The scripture says to be content in want, but also in times of abundance - wherever we are placed at every season of life, be content, and it is only through Christ who strengthens us that we can do all things - be content in all things. It is the Lord who gives and the Lord who takes away, in all things we must learn to say, “Blessed be the Name of the LORD.” We must learn to see it all as His, not just in lip-service but in heart attitude and action. He must be our heart’s desire and focus. We are pilgrims here, and we need to learn to see it that way, to hold lightly to the things of this world.
One more thing I’m taking away from this is that I want to live on purpose, not just let life happen, but determine to live Kingdom minded, asking God to help me to love Him more, asking Him to open my understanding of His Word, asking Him to help me to want to obey and to want to look for ways to serve Him and to want to love others as He commands me to do. One thing I’ve realized that I believe is true conviction is how unwilling I often am to move out of my comfort zone and get my hands dirty for the sake of the gospel. I am far too often complacent to sit at my computer or my kitchen table thinking about these things, but far less willing to act on them. This is something I’m praying for God to change my heart and help me to see how He would have me be. I think one reason that example that I mentioned that bothered me was used is because at least he’s out there acting on what he says he believes. What would it look like if I were to become much more purposeful about acting on what I know is true? This is probably the biggest thing I’m struggling through at the moment to understand and purpose to take to heart, not just keep thinking about. And I confess that even typing that scares me. One of the hardest things to overcome is love of comfort. And that’s where I find myself. I can do all things through Christ who strengthens me, and I need Him to put what He wants me to desire in my heart.
I want to step heavenward as I learn to surrender to Him each step of the way.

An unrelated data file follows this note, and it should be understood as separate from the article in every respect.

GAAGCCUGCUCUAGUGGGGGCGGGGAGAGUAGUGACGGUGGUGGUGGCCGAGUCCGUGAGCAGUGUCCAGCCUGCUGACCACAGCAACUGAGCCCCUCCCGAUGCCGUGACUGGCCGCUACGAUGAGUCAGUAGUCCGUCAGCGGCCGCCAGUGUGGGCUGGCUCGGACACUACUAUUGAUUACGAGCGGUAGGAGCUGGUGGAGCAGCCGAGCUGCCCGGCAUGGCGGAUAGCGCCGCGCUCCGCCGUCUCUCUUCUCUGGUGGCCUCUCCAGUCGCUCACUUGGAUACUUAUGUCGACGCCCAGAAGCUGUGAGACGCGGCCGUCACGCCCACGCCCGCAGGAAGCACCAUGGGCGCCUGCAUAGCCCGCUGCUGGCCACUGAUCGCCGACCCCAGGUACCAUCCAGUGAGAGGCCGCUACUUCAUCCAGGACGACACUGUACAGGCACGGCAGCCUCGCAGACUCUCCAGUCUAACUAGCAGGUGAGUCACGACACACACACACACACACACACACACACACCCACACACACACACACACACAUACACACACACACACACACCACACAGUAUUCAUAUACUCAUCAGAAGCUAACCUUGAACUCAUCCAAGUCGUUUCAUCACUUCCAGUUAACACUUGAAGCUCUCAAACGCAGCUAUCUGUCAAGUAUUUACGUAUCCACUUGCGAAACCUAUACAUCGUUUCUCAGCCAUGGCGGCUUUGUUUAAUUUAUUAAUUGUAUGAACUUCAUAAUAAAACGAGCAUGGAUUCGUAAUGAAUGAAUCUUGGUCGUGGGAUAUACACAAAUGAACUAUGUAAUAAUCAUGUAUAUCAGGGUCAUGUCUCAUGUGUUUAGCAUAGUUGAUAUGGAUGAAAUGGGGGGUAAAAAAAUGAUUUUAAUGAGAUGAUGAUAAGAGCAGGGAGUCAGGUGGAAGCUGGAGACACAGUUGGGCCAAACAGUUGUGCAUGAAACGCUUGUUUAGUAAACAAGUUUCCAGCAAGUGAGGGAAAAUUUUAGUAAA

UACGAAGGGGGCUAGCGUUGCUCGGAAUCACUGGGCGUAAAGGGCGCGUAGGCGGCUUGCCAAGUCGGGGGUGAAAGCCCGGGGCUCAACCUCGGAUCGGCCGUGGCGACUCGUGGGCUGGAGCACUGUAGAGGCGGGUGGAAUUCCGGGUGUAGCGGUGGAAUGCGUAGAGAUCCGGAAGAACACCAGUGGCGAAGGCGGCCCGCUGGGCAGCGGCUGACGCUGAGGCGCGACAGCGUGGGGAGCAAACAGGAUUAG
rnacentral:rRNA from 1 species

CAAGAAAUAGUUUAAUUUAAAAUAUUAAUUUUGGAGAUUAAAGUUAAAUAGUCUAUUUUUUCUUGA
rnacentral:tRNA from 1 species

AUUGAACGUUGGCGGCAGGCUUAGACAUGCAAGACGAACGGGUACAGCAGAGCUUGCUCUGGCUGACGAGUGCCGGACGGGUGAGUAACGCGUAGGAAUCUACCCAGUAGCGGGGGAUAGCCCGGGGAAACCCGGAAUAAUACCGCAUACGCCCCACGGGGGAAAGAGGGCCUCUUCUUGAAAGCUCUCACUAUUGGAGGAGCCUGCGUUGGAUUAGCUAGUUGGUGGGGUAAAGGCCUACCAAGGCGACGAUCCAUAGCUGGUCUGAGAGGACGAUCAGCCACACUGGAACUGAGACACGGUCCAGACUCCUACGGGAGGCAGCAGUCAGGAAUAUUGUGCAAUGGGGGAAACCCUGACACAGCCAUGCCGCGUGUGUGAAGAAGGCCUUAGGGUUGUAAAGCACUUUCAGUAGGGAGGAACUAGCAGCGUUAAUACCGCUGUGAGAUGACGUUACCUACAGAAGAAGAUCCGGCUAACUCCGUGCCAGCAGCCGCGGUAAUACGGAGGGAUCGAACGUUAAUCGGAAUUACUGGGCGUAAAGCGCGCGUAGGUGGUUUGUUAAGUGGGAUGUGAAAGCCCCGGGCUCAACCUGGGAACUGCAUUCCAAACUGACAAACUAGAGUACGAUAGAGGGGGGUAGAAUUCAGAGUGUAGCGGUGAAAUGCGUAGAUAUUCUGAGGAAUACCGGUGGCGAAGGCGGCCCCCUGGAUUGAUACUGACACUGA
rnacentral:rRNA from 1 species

So, I did begin and will continue to work through some things as a result of reading the book. I do think American Christians are so steeped in the self-satisfied gluttony of our culture that we don’t even recognize it and need to be shaken up to see it. I think we’ve been fed such a steady diet of the false health and wealth ‘gospel,’ the false gospel of your best life now and how we deserve material and physical blessings rather than seeing sacrifice and even suffering and trials as necessary for our sanctification and that our focus needs to be on our best life later, that we don’t recognize that it isn’t biblical. We need to learn to love God with all of our hearts, souls, minds, and strengths and be willing to be spent in service to Him - not because we want more stuff, but because of WHO HE IS. We do need a much higher view of our God. I loved the advice at the end of the book to stop before we pray and really think about Who we are praying to, how awesome He is, and then begin to pray. That will revolutionize how and for what I pray. I do need to learn more and more how to love my neighbor as myself and how that is to look in my life.
So, though I have concerns about the book, I’m not sorry I read it. I did glean some good, hard things I don’t want to ignore. And I truly believe that He who began a good work in me will complete it until the day of Christ Jesus. I don’t believe He leaves us to spin around and around saying, “How much is too much? What am I supposed to do now?” looking for a sign for some BIG THING I’m to do for Him, rather than realizing it is a heart issue we need to develop of holding lightly to things and developing a heaven-minded view of life. I do believe we need to live every day faithfully for Him, seeking to obey Him in the daily, everyday things, seeking opportunities to meet needs as we are aware of them and acting on the things we know to do. As we do, He will lead us where He wants us to be, big thing or little thing, living faithfully and stepping heavenward throughout a surrendered life.